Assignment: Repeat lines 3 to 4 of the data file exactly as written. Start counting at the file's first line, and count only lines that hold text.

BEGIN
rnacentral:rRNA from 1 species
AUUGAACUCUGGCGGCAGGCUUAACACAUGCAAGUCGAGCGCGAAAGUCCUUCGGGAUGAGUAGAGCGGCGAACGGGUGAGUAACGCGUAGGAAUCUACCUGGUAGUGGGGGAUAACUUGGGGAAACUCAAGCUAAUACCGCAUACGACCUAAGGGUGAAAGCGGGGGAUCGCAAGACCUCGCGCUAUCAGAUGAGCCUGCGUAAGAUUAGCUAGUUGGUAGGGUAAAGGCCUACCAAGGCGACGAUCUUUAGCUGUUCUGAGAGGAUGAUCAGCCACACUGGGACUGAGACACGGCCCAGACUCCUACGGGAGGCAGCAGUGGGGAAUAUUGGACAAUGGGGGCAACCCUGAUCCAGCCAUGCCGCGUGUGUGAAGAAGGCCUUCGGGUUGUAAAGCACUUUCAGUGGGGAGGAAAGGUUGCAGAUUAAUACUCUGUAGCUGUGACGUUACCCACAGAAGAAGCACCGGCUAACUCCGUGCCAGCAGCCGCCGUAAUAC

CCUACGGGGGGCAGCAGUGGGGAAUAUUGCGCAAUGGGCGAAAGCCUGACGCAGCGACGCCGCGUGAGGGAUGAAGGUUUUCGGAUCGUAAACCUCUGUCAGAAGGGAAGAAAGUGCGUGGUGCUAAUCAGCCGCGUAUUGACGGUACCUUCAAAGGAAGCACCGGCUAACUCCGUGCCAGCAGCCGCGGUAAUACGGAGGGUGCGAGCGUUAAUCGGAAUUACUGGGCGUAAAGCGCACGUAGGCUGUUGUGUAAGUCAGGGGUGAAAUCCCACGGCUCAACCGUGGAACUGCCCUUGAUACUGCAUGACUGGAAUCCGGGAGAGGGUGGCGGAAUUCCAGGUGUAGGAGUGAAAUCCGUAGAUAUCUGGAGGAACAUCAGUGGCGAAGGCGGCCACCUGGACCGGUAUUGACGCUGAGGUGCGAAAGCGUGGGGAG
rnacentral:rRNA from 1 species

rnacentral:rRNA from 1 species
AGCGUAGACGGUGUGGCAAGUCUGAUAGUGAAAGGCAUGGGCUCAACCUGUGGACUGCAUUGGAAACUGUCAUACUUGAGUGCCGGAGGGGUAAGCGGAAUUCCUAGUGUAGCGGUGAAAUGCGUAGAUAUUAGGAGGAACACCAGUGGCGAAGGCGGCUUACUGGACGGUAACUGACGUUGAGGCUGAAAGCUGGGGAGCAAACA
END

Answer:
CCUACGGGGGGCAGCAGUGGGGAAUAUUGCGCAAUGGGCGAAAGCCUGACGCAGCGACGCCGCGUGAGGGAUGAAGGUUUUCGGAUCGUAAACCUCUGUCAGAAGGGAAGAAAGUGCGUGGUGCUAAUCAGCCGCGUAUUGACGGUACCUUCAAAGGAAGCACCGGCUAACUCCGUGCCAGCAGCCGCGGUAAUACGGAGGGUGCGAGCGUUAAUCGGAAUUACUGGGCGUAAAGCGCACGUAGGCUGUUGUGUAAGUCAGGGGUGAAAUCCCACGGCUCAACCGUGGAACUGCCCUUGAUACUGCAUGACUGGAAUCCGGGAGAGGGUGGCGGAAUUCCAGGUGUAGGAGUGAAAUCCGUAGAUAUCUGGAGGAACAUCAGUGGCGAAGGCGGCCACCUGGACCGGUAUUGACGCUGAGGUGCGAAAGCGUGGGGAG
rnacentral:rRNA from 1 species